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  • On Late Romance
  • Diane Scharper (bio)
Late Romance: Anthony Hecht—A Poet's Life, David Yezzi, St. Martin's Press, 2023, 480 pages

It was March 4, 1971, the day of the National Book Awards ceremony at the Lincoln Center in New York. Anthony Hecht had come to see Mona Van Duyn receive the coveted award for her book of poems To See and To Take. Thanks to a fellowship from the Academy of American Poets, Hecht, who had won the Pulitzer Prize in poetry in 1968, was on leave from teaching. It had been raining in New York City, and once inside the crowded lobby of the Philharmonic Hall, he slung his raincoat over his shoulder and removed his overshoes.

As Helen D'Alessandro explained to David Yezzi in an interview for this biography, she was there in her role as managing editor of the Walker and Company publishing firm. When she saw Hecht making his way over to her, she recognized him immediately. Thirteen years earlier, he had been her freshman English teacher at Smith College. She had been half in love with him ever since. It's easy to imagine her attraction since, as Yezzi aptly puts it, "In public, Hecht came across like one of his poems—formal on first acquaintance, at times even dandyish, but with a fraught inner life. His eyes gleamed with wit."

"I know you, don't I," she recalled him saying before he left her to attend the ceremony. He called her at work the next day, and soon, he proposed. As Helen Hecht remembered it, he said, "Having known you for forty-eight hours, I have every intention of marrying you."

Hecht's first marriage ended in disaster, with his wife, Patricia Harris, taking their sons to Europe and leaving Hecht bereft. Their breakup and the subsequent loss of his two sons caused Hecht to be hospitalized for several months following a nervous breakdown.

The happy occasion of Hecht's second marriage to Helen D'Alessandro is the focal point of David Yezzi's captivating book, Late Romance: Anthony Hecht—A Poet's Life. And as Yezzi explains, it also changed the course of Hecht's poetry. Suggesting that Hecht left clues to the mysteries of his poems and what inspired them, Yezzi spends much of this biography searching for those clues and connecting them to Hecht's poetry as he tries to better understand Hecht's writing and the events of his personal and professional life.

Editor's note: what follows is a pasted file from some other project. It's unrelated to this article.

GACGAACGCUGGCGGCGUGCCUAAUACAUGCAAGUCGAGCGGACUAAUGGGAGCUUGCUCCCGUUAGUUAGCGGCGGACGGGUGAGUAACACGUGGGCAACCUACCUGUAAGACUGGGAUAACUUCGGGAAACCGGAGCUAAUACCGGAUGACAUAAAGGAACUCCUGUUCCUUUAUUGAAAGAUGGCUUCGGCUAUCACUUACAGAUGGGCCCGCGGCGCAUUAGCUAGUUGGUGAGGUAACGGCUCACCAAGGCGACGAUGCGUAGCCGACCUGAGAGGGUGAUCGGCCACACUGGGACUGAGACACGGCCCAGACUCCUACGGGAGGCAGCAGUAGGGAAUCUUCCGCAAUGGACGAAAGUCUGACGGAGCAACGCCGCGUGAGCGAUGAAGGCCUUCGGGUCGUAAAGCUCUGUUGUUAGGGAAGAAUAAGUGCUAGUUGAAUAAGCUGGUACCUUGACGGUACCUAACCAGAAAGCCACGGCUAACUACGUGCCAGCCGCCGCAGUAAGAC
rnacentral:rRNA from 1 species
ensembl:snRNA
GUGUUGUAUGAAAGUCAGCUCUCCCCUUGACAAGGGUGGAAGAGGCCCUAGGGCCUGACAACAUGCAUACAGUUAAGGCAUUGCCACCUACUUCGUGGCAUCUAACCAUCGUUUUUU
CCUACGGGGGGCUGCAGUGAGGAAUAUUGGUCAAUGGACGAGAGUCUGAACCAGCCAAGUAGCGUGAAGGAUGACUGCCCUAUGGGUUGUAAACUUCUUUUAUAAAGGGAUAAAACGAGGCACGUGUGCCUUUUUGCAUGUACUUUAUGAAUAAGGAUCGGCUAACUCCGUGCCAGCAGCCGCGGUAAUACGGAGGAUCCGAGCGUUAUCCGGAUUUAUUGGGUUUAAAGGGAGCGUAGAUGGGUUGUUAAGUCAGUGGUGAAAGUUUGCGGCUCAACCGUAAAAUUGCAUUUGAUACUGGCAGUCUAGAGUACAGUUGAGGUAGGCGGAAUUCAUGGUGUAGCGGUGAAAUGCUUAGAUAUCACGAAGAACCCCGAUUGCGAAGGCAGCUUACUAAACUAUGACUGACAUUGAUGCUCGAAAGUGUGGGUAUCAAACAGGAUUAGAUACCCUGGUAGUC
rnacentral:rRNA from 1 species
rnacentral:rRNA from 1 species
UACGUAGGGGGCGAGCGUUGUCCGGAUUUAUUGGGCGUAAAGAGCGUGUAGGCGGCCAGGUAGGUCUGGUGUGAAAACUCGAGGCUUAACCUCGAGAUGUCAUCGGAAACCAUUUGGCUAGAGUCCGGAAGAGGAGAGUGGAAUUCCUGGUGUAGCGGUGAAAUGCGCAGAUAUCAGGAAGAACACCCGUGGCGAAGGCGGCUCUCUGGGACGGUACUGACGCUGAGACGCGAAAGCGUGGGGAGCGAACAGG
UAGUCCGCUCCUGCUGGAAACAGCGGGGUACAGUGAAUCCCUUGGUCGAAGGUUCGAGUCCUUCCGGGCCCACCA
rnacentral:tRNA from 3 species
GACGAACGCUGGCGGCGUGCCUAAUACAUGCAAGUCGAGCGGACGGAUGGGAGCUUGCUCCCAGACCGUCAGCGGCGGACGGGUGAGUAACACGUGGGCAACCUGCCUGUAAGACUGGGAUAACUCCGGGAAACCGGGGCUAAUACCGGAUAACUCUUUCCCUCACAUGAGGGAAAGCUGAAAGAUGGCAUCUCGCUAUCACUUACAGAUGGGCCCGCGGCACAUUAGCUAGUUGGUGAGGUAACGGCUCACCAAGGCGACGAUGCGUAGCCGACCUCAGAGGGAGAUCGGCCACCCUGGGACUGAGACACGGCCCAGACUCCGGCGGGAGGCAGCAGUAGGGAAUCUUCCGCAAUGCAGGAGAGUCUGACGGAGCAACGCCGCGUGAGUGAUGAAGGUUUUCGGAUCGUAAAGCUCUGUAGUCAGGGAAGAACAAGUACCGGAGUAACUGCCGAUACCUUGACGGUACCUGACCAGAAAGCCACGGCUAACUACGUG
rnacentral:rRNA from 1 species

Yezzi quotes extensively from Hecht's poems and essays. He includes [End Page 196] excerpts from interviews with Hecht's wife, former students, and friends, including J. D. McClatchy, Hecht's literary executor, and Philip Hoy, the editor of Hecht's newly published Collected Poems of Anthony Hecht: Including Late and Uncollected Work (Knopf, 2023). (This biography was published to celebrate the hundredth year of Hecht's birth and to coincide with the publication of Hoy's Collected Poems. I would have liked a chronology, but that's a quibble.) Yezzi also references some of the four thousand letters Hecht wrote to his family and friends from 1935 to 2004—including letters to illustrious poets like Richard Wilbur, Allen Tate, Anne Sexton, James Merrill, and Elizabeth Bishop. He wrote frequently to his parents despite ill feelings between them. These letters suggest some of the conflicts in their relationship but also show his intense love for his family, especially his younger brother, Roger.

As Yezzi portrays him, Hecht had a self-deprecating quality, which made him seem honest, likable, and approachable. He wasn't envious of other poets and counted Robert Lowell, Sylvia Plath, Ted Hughes, Joseph Brodsky, and Dana Gioia among his many friends. Although confessional poetry was popular, Hecht generally kept his personal life out of his poems. But they do contain autobiographical undercurrents that Yezzi points out. Hecht used metaphors and allusions to give his poetry universality in a way, Yezzi says, that was similar to work by Robert Frost. Both often referenced nature to express their feelings by way of the pathetic fallacy. Hecht met Flannery O'Connor when he studied at the University of Iowa, and he greatly admired...